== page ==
Known for her colorful braids and dreadlocked mane, Kelly Lim, aka Kelly Limerick, is an unconventional character that’s easily spotted in Singapore’s sea of cookie-cutter looks.

Learn more about her and her craft and why she’d never wear ugly clothes.

Hi Kelly! We’re curious — How do your dreadlocks work?

Kelly Lim Dreadlocks

There are many different types, but those I create for myself are usually made separately (either by wool or synthetic hair), then braided into my hair.

They stay on for about two weeks and I bathe (and shampoo) and sleep with them in. For times when I only need them for a day, I wear Dread Falls, which are dreads attached to a rubber band that you can tie onto your hair and remove whenever you like.

Sometimes, I do Yarn Braids, which is often confused with dreads, but is actually something else entirely since it can’t be reused.

What started your love affair with knitting and crochet? What’s your approach to the craft to give it a more contemporary spin?

I’ve always been intrigued by crochet, knitting and crafting since I was a child. It feels like knitting and crochet has always been a part of my life — it’s not just a pastime or a job; it is very essentially me.

Crochet and knitting can easily become ‘craftsy’. By simply picking a better quality yarn and choosing different hues, the end product can look different.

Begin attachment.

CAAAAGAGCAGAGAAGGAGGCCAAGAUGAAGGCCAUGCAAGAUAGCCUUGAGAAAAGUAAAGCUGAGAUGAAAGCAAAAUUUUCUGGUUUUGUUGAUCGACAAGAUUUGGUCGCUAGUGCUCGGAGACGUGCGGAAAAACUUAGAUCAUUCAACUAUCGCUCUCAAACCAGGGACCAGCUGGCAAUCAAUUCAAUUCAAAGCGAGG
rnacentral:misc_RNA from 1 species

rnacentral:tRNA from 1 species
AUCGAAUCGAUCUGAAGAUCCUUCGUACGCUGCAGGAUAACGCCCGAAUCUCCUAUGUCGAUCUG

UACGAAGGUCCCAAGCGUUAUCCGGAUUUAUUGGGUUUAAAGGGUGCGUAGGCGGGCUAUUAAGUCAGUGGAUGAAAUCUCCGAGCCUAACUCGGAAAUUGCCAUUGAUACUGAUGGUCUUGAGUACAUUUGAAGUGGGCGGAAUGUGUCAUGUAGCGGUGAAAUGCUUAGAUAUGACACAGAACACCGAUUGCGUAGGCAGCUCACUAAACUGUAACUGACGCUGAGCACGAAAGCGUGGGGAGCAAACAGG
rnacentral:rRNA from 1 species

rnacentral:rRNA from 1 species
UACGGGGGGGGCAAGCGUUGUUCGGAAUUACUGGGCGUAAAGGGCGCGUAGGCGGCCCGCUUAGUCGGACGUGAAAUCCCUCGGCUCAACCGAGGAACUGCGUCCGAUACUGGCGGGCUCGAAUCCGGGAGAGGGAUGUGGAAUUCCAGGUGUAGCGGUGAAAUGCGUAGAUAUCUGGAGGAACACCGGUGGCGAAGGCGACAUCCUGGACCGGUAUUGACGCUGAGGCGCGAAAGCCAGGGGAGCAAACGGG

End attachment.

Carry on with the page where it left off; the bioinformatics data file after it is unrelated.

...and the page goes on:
I chose to move into Lace Crochet recently because I was intrigued by how small the needle size (0.75mm) is. That makes the work look more exquisite and delicate.

By using metallic thread instead of the predictable cotton one, the lace is refreshed, thus making it look more contemporary.

Your look is undoubtedly Japanese. Tell us a bit about your life in Japan and what particular sub-culture inspired your look.

Kelly Lim Magical Hair

It’s very interesting that people always say my style is Japanese, but when Japanese IN Japan asked me what my style is, I couldn’t possibly tell them my style is ‘Japanese’!

The Japanese themselves find it hard to categorize me. Each of their sub-cultures has a very distinct look — almost like having a checklist to fulfill.

The reason they can’t categorize me is that I am somehow floating between many styles. For me, I like to think that I might die anytime and I don’t want to die in ugly clothes.

So even if I’m going nearby to buy food, I wear stuff that I can die gloriously in. HAHA!

Can you walk us through your fashion transformation?

I think my look and style has evolved quite a bit, but I don’t think the core of it has changed. I have always loved one-off, original things since I was a kid and that’s why I started creating my own stuff since I was young.

I used to be flashier in my Polytechnic days; perhaps I was more experimental then! Towards my final year I started leaning towards more utilitarian pieces that attracted me with their details and sewing technique, as well as fabric.

I love vintage clothes too because they’re well made, unlike the low-quality garments you get from fast fashion brands.